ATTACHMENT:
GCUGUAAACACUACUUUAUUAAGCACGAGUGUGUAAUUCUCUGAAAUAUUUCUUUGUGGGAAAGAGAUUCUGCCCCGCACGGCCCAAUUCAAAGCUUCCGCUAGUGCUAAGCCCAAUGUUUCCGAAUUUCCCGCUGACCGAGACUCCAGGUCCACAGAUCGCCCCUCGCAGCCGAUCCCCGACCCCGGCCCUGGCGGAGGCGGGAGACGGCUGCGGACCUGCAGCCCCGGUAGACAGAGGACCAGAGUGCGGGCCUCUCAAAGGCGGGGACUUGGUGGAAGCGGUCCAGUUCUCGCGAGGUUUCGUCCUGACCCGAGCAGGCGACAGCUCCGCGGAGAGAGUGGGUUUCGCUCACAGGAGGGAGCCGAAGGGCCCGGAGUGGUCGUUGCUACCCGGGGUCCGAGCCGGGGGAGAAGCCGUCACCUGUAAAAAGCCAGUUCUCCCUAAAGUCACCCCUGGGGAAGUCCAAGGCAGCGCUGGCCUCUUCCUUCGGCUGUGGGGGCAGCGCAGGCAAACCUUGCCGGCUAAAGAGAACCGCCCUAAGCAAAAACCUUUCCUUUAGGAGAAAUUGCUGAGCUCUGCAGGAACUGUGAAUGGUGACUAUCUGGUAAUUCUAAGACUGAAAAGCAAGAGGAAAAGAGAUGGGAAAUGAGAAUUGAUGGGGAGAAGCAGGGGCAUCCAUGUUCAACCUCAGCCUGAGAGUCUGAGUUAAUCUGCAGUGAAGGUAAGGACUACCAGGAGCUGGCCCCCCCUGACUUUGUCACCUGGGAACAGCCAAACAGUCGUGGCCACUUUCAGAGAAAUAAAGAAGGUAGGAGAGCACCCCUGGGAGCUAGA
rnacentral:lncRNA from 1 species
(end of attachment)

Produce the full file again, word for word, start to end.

GCUGUAAACACUACUUUAUUAAGCACGAGUGUGUAAUUCUCUGAAAUAUUUCUUUGUGGGAAAGAGAUUCUGCCCCGCACGGCCCAAUUCAAAGCUUCCGCUAGUGCUAAGCCCAAUGUUUCCGAAUUUCCCGCUGACCGAGACUCCAGGUCCACAGAUCGCCCCUCGCAGCCGAUCCCCGACCCCGGCCCUGGCGGAGGCGGGAGACGGCUGCGGACCUGCAGCCCCGGUAGACAGAGGACCAGAGUGCGGGCCUCUCAAAGGCGGGGACUUGGUGGAAGCGGUCCAGUUCUCGCGAGGUUUCGUCCUGACCCGAGCAGGCGACAGCUCCGCGGAGAGAGUGGGUUUCGCUCACAGGAGGGAGCCGAAGGGCCCGGAGUGGUCGUUGCUACCCGGGGUCCGAGCCGGGGGAGAAGCCGUCACCUGUAAAAAGCCAGUUCUCCCUAAAGUCACCCCUGGGGAAGUCCAAGGCAGCGCUGGCCUCUUCCUUCGGCUGUGGGGGCAGCGCAGGCAAACCUUGCCGGCUAAAGAGAACCGCCCUAAGCAAAAACCUUUCCUUUAGGAGAAAUUGCUGAGCUCUGCAGGAACUGUGAAUGGUGACUAUCUGGUAAUUCUAAGACUGAAAAGCAAGAGGAAAAGAGAUGGGAAAUGAGAAUUGAUGGGGAGAAGCAGGGGCAUCCAUGUUCAACCUCAGCCUGAGAGUCUGAGUUAAUCUGCAGUGAAGGUAAGGACUACCAGGAGCUGGCCCCCCCUGACUUUGUCACCUGGGAACAGCCAAACAGUCGUGGCCACUUUCAGAGAAAUAAAGAAGGUAGGAGAGCACCCCUGGGAGCUAGA
rnacentral:lncRNA from 1 species